A new large DNA-study of prehistoric - Bronze and Iron Age - populations in Britain has been published in the scientific journal Nature. Chelsea Budd and Malcolm Lillie, both archaeologists at Umeå University, are two of those who participated in the study.
Text: Per Melander
Malcolm Christopher Lillie
Malcolm Lillie says that the study is a collaboration between many archaeologists and geneticists and aims to investigate genetic evidence for prehistoric migrations.
What is the article about?
"This paper presents a major new DNA study of prehistoric (Bronze and Iron Age) populations in Britain", says Malcolm Lillie.
What would you describe as the main findings in the article?
"The main findings are that between 1300-800BC migration into Britain from Europe was responsible for around half of the genetic ancestry of subsequent populations, but that there is not much evidence to suggest that large-scale migration occurred in the subsequent Iron Age. It thus seems that “Celtic” languages would have spread into Britain in the Bronze Age".
"Another interesting finding is that the allele for lactase persistence (which is a genetic adaptation that facilitates the digestion of dairy produce) rises rapidly in Britain during the Bronze Age, but a similar scenario is not mirrored on the continent".
Can you sum up the importance when it comes to cross disciplinary boundaries, using research infrastructure, in your work?
"Of key significance here is the considerable number of archaeologists and geneticists involved in the study, demonstrating collaborations between commercial archaeologists, museums and academics across disciplines in the pursuit of knowledge".
Chelsea E Budd, archaeologist, Department of Historical, Philosophical and Religious Studies.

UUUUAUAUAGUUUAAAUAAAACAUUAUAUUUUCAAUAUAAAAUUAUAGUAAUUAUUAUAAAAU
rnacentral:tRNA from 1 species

"This study included the results from the work that Dr. Chelsea Budd and I have been researching for some time now in relation to the analysis of human remains from both the UK and Ukraine, which forms the basis of our collaborations with Harvard University, and which linked into the work undertaken at York University in the UK. This work also links to our on-going collaboration with colleagues elsewhere in the USA and Ukraine".
As far it’s probably he first time the department has contributed in Nature, what does that mean?
"Professor Lillie first published in Nature in 1998, on the earliest evidence for cranial surgery, as part of his PhD research. Subsequently, just before joining Umeå Professor Lillie was involved in another Nature paper (Mathieson et al. 2018) which looked at the genetic history of southeastern Europe. The current paper is a result of the continued collaborations with Harvard that began when the new wave of genetic analysis linked to archaeology was in its early stages (i.e. the past decade or so)".
"The on-going work will result in further Nature papers that will raise the profile of Umeå University on the international research stage, as Professor Lillie and Dr. Budd are currently working up the results of their work on Iron Age communities in the UK for publication with Professor Reich and colleagues at Harvard University. They are also working closely with colleagues from the USA and Europe on the genetic origins of the Yamanya culture of Eastern Europe".
Anything of importance that’s not included in the questions above?
"The current paper is led by researchers at Harvard and York, with contributions for a range of institutions. of key importance is the fact that after an initial stage of research wherein the genetic community was accused of ignoring the opinions of archaeologists (e.g. Heyd – Kossina’s Smile paper)"